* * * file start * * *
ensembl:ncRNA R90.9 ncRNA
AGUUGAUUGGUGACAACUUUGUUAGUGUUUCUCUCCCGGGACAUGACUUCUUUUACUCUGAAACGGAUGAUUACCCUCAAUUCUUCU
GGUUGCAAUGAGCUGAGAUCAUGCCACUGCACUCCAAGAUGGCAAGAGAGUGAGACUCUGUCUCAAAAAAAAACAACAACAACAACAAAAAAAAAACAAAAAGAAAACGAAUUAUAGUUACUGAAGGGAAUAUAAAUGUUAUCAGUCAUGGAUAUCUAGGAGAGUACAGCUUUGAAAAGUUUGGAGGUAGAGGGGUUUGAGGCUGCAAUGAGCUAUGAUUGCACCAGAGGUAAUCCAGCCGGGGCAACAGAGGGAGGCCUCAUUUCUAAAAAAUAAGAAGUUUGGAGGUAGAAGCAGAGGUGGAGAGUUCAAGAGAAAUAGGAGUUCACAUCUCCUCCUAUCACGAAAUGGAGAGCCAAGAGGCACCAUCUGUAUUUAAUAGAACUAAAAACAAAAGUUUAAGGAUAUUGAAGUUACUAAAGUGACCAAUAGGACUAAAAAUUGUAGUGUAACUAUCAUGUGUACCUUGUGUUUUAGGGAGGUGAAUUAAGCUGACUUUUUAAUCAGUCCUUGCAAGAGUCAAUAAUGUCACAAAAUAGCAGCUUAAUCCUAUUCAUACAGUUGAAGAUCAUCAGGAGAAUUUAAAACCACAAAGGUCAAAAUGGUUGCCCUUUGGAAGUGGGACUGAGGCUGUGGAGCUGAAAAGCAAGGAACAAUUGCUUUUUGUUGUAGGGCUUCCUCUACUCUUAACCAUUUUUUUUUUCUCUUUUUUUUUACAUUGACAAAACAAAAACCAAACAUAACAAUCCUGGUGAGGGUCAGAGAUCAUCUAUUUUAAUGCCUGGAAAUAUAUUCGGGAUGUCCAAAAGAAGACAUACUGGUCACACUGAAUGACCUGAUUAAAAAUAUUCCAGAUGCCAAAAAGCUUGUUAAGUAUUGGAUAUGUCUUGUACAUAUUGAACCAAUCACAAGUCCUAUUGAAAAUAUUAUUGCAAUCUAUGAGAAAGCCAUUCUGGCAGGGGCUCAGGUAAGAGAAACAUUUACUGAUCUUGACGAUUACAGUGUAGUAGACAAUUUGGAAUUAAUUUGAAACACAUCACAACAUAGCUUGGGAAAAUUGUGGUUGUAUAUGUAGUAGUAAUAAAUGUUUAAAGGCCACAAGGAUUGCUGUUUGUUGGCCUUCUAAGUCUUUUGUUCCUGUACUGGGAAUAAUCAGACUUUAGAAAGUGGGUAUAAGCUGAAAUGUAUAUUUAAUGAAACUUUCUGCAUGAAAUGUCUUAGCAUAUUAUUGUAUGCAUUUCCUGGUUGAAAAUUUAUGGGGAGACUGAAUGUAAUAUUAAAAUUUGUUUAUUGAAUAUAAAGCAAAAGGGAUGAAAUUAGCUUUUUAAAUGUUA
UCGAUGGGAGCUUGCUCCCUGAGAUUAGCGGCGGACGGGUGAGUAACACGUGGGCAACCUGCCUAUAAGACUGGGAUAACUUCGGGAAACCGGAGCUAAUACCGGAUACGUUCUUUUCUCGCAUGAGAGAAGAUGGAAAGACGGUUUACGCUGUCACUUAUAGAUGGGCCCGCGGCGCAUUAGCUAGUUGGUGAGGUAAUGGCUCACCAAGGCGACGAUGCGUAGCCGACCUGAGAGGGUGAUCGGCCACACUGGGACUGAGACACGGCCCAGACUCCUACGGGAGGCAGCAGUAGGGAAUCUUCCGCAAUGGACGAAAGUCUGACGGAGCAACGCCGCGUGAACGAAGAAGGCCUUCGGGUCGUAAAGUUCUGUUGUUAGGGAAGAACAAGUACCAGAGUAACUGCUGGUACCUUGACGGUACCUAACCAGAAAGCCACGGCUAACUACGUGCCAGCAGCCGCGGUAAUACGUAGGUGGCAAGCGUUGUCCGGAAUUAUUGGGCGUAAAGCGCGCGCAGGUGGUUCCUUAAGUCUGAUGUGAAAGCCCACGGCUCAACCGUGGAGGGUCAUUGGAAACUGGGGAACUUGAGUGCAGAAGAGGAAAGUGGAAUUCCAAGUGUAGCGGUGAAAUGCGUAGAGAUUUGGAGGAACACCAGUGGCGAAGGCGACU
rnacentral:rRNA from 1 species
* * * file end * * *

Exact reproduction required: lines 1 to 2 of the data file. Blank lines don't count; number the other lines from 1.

ensembl:ncRNA R90.9 ncRNA
AGUUGAUUGGUGACAACUUUGUUAGUGUUUCUCUCCCGGGACAUGACUUCUUUUACUCUGAAACGGAUGAUUACCCUCAAUUCUUCU